Marie Kondo Method
friendships and yoga
Tending and ending friendships
Have you noticed that friendships change over the years? We talk a lot about how to tend or how to end a romantic relationship – but not so much about friendships. Perhaps it’s because I’m an only child, but my friendships are very important to me. I nurture them and they give me great joy. My husband’s family have a habit of giving speeches on special occasions. At my Fiftieth birthday party, he gave a speech on the theme that I have a genius for friendship. I would like to think I do, and certainly we should value our friendships. Yet it doesn’t necessarily mean that all our friendships have value.
Recently I’ve seen several articles on how the Marie Kondo Method relates to friendships and this has made me think about how my friendships – and my my view of what friendship means – has evolved.
Yoga will change your friendships
You will have different chapters in your life and different things will be important to you. Your friendships will ebb and flow. We all hope to have some super friends for life. But as we move through new chapters, different things will be important to us and we’ll look to different things from our friends. Perhaps wanting good company and being up for some fun in friendship has given way to valuing loyalty and generosity in the friendship.
Yoga gives us many tools to navigate change, and as we develop our yoga practice we will see our friendships with new eyes. I touch on this happening to me in my introductory video.
Find Your Supportive Community – Marie Kondo, your friends and yoga
There’s a Buddhist concept of Sangha – that’s your supportive community. It means you surround yourself with people who will support you and be there for you.
Thich Nhat Hanh says here :
The Sangha doesn’t need to be Buddhist. Buddhism is made of non-Buddhist elements anyway. When I met Martin Luther King Jr., in 1966, we spoke about Sangha building. We spoke a few times about the beloved community. The beloved community is the Sangha.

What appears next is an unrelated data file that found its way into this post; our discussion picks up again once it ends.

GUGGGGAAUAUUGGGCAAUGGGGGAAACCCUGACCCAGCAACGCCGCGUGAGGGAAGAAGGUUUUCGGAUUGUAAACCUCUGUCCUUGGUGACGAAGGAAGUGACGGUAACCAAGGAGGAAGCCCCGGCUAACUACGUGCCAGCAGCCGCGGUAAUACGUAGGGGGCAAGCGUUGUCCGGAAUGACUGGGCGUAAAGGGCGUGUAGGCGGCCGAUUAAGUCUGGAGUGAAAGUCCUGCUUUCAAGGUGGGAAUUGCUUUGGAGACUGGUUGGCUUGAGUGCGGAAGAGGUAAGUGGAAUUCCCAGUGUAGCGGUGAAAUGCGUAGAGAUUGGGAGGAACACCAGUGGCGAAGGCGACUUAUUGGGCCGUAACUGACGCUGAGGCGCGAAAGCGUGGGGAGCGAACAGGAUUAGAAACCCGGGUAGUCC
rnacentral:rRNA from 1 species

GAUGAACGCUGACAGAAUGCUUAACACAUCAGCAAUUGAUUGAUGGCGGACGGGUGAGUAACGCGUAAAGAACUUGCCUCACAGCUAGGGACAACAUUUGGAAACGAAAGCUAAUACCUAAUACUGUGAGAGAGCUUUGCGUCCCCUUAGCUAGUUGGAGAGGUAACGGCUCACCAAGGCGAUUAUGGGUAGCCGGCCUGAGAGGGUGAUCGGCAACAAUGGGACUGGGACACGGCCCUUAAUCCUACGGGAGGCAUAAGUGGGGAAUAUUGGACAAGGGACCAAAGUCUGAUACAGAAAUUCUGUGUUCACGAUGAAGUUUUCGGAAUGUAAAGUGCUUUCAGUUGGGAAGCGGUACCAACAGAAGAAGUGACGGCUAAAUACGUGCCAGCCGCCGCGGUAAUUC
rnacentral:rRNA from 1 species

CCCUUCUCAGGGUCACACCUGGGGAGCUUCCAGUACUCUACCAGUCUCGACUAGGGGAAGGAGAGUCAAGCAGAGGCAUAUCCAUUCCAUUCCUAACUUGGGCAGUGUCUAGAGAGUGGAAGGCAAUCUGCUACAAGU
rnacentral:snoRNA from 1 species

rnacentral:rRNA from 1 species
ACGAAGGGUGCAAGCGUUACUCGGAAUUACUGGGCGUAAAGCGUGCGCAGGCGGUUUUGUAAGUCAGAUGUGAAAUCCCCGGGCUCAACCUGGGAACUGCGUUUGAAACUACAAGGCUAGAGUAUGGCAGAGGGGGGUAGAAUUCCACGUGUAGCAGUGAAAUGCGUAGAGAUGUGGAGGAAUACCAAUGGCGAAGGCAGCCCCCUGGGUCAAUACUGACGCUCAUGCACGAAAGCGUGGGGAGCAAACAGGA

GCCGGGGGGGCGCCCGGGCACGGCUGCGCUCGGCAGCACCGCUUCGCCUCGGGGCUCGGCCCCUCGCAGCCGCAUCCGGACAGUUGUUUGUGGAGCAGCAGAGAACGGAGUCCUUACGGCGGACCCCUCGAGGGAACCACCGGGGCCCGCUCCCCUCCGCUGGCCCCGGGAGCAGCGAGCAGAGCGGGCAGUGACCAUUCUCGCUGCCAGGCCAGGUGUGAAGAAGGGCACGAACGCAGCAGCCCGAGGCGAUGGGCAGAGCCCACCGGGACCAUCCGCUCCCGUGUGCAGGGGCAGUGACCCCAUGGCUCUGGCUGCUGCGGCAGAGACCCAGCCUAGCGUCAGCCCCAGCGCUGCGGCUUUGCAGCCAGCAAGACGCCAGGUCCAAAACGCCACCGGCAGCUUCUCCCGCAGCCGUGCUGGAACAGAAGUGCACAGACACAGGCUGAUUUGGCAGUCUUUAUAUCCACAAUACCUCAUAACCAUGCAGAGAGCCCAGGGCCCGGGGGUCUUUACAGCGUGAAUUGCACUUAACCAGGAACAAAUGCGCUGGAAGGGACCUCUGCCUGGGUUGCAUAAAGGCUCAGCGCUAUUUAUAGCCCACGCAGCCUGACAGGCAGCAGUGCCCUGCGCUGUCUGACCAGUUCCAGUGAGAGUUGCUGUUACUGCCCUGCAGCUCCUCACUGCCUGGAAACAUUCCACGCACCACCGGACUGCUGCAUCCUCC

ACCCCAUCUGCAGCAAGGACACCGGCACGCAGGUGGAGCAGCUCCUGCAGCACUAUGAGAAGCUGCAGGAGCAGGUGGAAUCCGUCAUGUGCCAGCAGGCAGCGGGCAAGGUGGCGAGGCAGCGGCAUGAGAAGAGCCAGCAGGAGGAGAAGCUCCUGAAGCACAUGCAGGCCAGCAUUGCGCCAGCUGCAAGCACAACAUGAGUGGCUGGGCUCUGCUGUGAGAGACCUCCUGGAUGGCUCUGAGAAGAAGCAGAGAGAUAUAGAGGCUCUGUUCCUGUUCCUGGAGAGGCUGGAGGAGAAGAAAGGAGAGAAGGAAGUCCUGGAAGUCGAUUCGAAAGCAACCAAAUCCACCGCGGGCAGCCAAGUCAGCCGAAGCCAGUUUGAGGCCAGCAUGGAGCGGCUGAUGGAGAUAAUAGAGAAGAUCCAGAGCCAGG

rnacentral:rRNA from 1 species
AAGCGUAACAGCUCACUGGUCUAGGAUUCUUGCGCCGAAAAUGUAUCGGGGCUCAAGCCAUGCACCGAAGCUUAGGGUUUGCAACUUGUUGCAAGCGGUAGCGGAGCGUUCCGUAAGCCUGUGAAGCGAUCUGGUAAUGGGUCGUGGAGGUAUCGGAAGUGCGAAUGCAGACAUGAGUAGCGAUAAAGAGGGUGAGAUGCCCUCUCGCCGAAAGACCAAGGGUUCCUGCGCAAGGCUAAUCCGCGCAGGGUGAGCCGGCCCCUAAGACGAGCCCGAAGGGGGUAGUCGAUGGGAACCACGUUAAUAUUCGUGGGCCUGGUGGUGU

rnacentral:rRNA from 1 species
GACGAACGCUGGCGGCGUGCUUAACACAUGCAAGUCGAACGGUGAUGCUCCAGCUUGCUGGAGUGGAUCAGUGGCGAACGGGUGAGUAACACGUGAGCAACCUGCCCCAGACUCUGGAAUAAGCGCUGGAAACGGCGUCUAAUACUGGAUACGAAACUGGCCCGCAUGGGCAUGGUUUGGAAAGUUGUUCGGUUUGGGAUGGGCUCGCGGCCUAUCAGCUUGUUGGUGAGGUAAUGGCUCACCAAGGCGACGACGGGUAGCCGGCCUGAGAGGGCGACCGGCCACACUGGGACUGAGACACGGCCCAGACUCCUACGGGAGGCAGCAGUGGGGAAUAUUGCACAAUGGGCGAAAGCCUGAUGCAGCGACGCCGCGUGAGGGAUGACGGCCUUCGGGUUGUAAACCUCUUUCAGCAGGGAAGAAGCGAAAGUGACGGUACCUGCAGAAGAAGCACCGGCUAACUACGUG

Your sangha should of course ‘spark joy’ and have your back – but it should also stretch you and help you out of your comfort zone, encouraging you to be your best self. This is where yoga comes in. As you practice yoga you connect more with who you are.
Three friends and I have a birthday club! I’ve known these people for years – two of them for over twenty years. We get together for lunch four times a year on a weekend near each other’s birthday to celebrate. Turns out all our birthdays are in the first half of year, so we try to get together once a month anyway for the rest of the year.
As you’d expect, we’ve been through a lot together and we know each others strengths and foibles. I’m the one who can be particular and rock the boat. I’m not rude or incredibly demanding, but I’ll ask if we can have a different table or mention that my chili is luke warm and would I be able to have another bowl steaming from the pot.
Recently I’ve been thinking more about this. I was a very easygoing child, and somewhere along the way I became a bit more rigid. I could do with more relaxing. In fact, I haven’t so much been thinking about it as yoga has been evening that out a bit more. It’s one of the profound changes yoga is bringing to my life.
Yoga isn’t making me fully into a go with the flow person, but it’s helping me to understand where I want to put that energy. I’m less likely not to be bothered by the things I cannot change. I am reining some of this in – sometimes it’s easy, sometimes it’s more of a struggle. I mentioned this last weekend at one of our birthday lunches and got a round of applause. These friends kindly rib me about my foibles but also support me as I try to grow.
At the same time, food is important to me and being able to increase my enjoyment of a meal out gives me great joy. I still want see if my delicious bowl of chili can be nice and hot – it will really enhance my enjoyment. Yoga is giving me the ability to work through things and zone into my true self.
Finding Joy in Your Friendships
Yoga helps us understand what it important to us – and important in our friendships. It also helps us navigate change so we can have harmonious friendships that we enjoy.
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